Teamwork extends beyond sports. Being a part of a team can include cooperating and collaborating within a classroom, group, family or community. A strong team will value the strengths of each individual while learning from each of its members. Another important lesson in this film has to do with valuing the opposing team members’ strengths regardless of gender or other differences.

Within many Indigenous circles, the use of phrases such as “we are all related” and “all my relations,” or “wakotawin” in Cree, is common. Although we are all our own individual beings, we are all interconnected. Seeking, valuing and maintaining positive relationships can help nurture wellbeing.

Activity 2: T-Chart – “Self-Talk”

Clip #2 (1min 32s)

Whole class, small group, pairs or independent.

Step 1: Create a T-Chart using chart paper, a smartboard, or a board if working in larger groups. If students are working independently, each student creates or is provided a T-Chart.

Label each side with either of the following:

“Poor sport” vs. “Good sport”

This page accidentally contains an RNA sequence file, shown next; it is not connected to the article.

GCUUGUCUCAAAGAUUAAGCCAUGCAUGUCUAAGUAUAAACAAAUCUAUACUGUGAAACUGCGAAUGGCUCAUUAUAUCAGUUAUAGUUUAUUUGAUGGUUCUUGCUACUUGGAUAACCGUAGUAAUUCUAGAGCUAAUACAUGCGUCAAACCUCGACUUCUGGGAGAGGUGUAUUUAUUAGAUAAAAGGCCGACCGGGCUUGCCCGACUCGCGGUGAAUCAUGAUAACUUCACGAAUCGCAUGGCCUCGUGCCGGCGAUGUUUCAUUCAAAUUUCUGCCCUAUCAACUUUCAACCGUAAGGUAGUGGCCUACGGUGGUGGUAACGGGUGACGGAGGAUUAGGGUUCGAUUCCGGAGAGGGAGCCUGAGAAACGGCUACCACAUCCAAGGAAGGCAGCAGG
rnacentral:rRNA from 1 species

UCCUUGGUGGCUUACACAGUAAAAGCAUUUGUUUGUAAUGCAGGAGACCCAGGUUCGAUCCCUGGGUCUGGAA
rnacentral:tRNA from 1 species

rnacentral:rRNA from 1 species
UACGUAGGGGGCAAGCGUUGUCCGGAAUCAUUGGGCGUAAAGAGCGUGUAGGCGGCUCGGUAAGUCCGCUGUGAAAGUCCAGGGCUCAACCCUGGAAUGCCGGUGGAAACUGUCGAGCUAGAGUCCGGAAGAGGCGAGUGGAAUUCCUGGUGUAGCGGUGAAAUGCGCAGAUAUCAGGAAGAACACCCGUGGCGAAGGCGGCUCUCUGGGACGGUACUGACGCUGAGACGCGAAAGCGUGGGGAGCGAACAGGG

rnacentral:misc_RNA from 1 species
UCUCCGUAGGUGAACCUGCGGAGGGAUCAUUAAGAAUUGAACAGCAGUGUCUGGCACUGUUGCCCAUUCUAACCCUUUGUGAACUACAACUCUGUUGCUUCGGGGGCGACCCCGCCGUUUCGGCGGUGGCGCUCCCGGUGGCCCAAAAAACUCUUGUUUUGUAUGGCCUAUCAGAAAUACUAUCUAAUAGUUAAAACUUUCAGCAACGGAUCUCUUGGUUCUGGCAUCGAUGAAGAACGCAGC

“Sore loser” vs. “Good sport”

“Negative self-talk” vs. “Positive self-talk”

“Bad thoughts” vs. “Good thoughts”

Step 2: As a group or independently, brainstorm negative words or phrases that someone might say to themselves after losing a game. Ask students to imagine they are being a “poor sport” or being very hard on themselves. Students can also include phrases that someone who’s being negative or a bad sport might say to the other team.

Make a list of the words or phrases and place them under the “negative” side of the T-Chart.

Step 3: What are some positive words or phrases of encouragement that someone might say to themselves or others after losing a game? What are some positive words of encouragement that those who watched a game might say?

Make a list of the positive words or phrases and place them under the “positive” side of the T-Chart.